How Virat Kohli has single-handedly proven the Indian fans wrong
August 18th, 2018 will mark 10 years since Virat Kohli made his debut in 50-over cricket, against Sri Lanka in Dambulla.
However, in a mere span of nine years, the right-hander, through his sheer, almost unmatched, brilliance, has forced experts to rate him as an ODI legend, almost without dispute.
9583 runs in 208 matches at an average of 58 with 35 hundreds.
These are stats one could expect from a player who has competed for more than a decade or is perhaps at the end of his playing career, but instead, they are of someone who has already set his sights on playing for almost another decade.
Usually, when we speak about cricketers who have a high success percentage, we look at their performances home and away.
In some cases, the difference is large while in others it isn't too big.
In Kohli's case, one can say he belongs to a select group, who feature in the latter category.
At home, he has thus far amassed 3830 runs in 79 matches at an average of 58 while away from home, he has scored 4017 runs in 88 matches at 57.
The stats reflect the story of a player who not just enjoys batting all around the world in 50 overs cricket, but also how he is able to almost keep the conditions and the country away from the equation and deliver against any attack.
He is almost doing what Dale Steyn at his peak did with the ball, which was excel everywhere in the world and make South Africa an all-round team.
Few in the sporting world are as harsh about performances as the Indian cricket team fan.
When the team doesn't do well, social media is filled with criticism, sometimes too personal for anyone's liking, jokes, trolls and everything else that denotes negativity.
But it isn't the case only when performances go south.
Even when India have done well at home, as has been the case in the last two years, the supporters have almost always spoken about whether this team can do well overseas.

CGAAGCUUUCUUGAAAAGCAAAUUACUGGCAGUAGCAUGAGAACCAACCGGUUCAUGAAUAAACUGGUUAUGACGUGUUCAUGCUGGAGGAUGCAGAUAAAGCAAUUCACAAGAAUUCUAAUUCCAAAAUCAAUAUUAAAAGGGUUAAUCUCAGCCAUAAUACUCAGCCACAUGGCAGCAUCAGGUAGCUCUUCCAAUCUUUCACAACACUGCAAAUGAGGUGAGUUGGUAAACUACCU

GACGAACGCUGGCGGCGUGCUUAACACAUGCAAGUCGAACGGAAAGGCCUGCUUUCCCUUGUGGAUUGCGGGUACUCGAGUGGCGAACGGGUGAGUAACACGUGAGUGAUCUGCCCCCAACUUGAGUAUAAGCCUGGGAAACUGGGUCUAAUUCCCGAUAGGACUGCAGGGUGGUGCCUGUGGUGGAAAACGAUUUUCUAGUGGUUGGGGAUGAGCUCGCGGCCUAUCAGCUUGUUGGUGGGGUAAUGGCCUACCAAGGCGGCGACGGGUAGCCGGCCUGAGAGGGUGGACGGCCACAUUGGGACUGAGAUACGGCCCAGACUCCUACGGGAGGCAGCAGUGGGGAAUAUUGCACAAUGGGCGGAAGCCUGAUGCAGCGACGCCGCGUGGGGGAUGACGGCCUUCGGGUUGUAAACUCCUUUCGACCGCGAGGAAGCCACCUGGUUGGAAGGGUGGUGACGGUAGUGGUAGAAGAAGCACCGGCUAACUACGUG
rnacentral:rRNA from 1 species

Throughout the last part of 2017, the talk only revolved around whether this side was capable of excelling in South Africa, the way they did at home.
In that sense, Kohli's performances in South Africa have almost made each of those supporters who questioned the ability, keep mum and admire the excellence on display.
His performances in the 50-over series are further proof of a player who is constantly proving this thinking wrong.
In the past, these thoughts have been proven right and Indian players have been labelled home track bullies, but Kohli is definitely an exception to that line of thought.
He is also a rare breed when it comes to Indian players who play the short ball with great conviction, all around the world.
In the last few years, his signature shot has been the cover drive, but in the last six matches, the ease with which he has pulled the ball whenever South Africa have tested him has almost made it the shot we recognise him for from here on.
For years, the Indian fan has always spoken of the batsmen's inability to play such deliveries on fast, bouncy pitches and Kohli, in one series, has thrown those remarks out of the window.
And yet, despite his performances on this trip, one can be assured that in four months' time, when India travel to England, the doubters will rise again.
The current series will be forgotten and the horrors of 2014 will be spoken about again and again.
The James Anderson threat will take centre stage and Kohli will be seen as the batsman of the past.
However, the Indian fan will do well to not fall for the past struggles and instead look at Kohli as a player much evolved, much more reliable and a genuine world-beater, come July.